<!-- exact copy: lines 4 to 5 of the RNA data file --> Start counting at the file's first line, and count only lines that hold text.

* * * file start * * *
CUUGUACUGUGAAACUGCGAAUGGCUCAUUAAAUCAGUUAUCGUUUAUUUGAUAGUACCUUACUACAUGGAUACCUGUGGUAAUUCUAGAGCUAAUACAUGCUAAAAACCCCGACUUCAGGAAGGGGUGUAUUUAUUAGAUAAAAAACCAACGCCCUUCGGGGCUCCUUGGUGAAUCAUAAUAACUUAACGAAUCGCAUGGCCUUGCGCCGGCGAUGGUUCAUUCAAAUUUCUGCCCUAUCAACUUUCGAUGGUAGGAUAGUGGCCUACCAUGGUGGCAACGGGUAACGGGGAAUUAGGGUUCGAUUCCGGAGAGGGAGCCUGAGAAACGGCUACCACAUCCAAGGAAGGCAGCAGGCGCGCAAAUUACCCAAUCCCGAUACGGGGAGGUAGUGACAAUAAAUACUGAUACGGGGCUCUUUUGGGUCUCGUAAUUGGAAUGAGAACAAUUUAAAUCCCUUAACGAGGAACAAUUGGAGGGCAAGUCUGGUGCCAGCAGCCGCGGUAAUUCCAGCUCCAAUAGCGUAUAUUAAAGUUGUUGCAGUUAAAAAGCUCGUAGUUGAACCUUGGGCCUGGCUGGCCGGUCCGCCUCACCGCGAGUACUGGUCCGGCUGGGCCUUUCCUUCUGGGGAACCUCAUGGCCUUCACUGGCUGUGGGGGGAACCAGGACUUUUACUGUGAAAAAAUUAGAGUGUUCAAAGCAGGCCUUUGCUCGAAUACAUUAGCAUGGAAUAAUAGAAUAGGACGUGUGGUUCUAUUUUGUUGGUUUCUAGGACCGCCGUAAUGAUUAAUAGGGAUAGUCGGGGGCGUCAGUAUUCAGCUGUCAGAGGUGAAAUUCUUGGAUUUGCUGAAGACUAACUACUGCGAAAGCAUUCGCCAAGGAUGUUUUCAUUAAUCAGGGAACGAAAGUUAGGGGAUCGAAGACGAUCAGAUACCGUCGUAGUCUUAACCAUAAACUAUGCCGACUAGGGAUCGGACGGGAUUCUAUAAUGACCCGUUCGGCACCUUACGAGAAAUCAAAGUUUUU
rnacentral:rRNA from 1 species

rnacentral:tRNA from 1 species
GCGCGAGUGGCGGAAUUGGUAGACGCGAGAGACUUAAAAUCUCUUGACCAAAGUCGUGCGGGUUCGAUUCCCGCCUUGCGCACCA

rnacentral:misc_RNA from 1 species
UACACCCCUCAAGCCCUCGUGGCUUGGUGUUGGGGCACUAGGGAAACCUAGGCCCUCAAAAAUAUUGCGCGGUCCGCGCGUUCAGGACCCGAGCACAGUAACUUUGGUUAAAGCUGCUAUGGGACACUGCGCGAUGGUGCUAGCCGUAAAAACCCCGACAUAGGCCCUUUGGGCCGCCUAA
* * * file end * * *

GCGCGAGUGGCGGAAUUGGUAGACGCGAGAGACUUAAAAUCUCUUGACCAAAGUCGUGCGGGUUCGAUUCCCGCCUUGCGCACCA

rnacentral:misc_RNA from 1 species